Schieffer also asked Cruz about New Jersey Gov. Chris Christie, who has been coping with the fallout from a scandal in which close aides caused days of traffic snarls at the George Washington Bridge as political retaliation against the mayor of Fort Lee, Cruz said he likes Christie.

“I think he is brash and outspoken, and I think it’s terrific that he’s been able to get elected twice as a Republican in a very blue state.  I think it’s unfortunate he’s found himself in this mess, and I hope he can extricate himself.  I’m certainly rooting for him to do so, because I think he’s an effective leader and I’d like to see him move on to governing New Jersey and not being mired in this scandal,” he said.

Until the bridge scandal, Christie was seen as a leading moderate alternative to Cruz in the 2016 race for the White House nomination. Cruz refused to give a straight answer to whether he’ll run for president – which seemed to leave Schieffer a bit exasperated.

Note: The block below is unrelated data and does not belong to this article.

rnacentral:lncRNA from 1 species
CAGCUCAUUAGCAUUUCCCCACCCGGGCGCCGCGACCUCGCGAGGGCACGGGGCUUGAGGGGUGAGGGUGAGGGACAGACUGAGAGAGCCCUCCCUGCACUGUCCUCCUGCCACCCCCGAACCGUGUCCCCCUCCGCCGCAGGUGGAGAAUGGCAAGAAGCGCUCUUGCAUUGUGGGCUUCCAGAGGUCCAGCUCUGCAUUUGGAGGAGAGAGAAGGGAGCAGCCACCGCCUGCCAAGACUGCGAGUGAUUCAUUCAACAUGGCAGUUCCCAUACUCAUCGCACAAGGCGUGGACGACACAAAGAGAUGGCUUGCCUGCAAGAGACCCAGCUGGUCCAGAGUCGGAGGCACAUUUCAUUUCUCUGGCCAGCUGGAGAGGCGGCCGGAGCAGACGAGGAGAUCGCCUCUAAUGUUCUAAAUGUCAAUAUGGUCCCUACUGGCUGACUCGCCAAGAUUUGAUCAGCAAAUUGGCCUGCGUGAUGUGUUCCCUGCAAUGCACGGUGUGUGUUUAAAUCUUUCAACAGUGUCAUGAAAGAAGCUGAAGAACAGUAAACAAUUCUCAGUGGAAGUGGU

“My focus is standing and fighting right now in the senate to bring back jobs and economic growth.  Economic growth is my number one priority,” Cruz said, resorting to an oft-repeated talking point.

It's funny to hear all these Democrats and moderate Republicans running around saying that the government shutdown hurt the GOP and the country. Where is the proof? How exactly was the country hurt by the shutdown? Besides Democratic talking points, I've seen no examples of how hurt this country was.

Obamacare has had a far worse impact than the government shutdown but you won't hear Democrats talking about that will you?

Other Top Stories:

Today’s Guests:

9:05am- Vikrant Reddy, Senior Policy Analyst at the Texas Public Policy Foundation and Right on Crime.

9:35am- Matt Mackowiak, GOP Strategist & Co-founder of

These and many more topics coming up on today’s edition of The Chad Hasty Show. Tune in mornings 8:30-11am on News/Talk 790 KFYO, streaming online at, and now on your iPhone and Android device with the radioPup App. All guest interviews can be heard online in our podcast section after the show at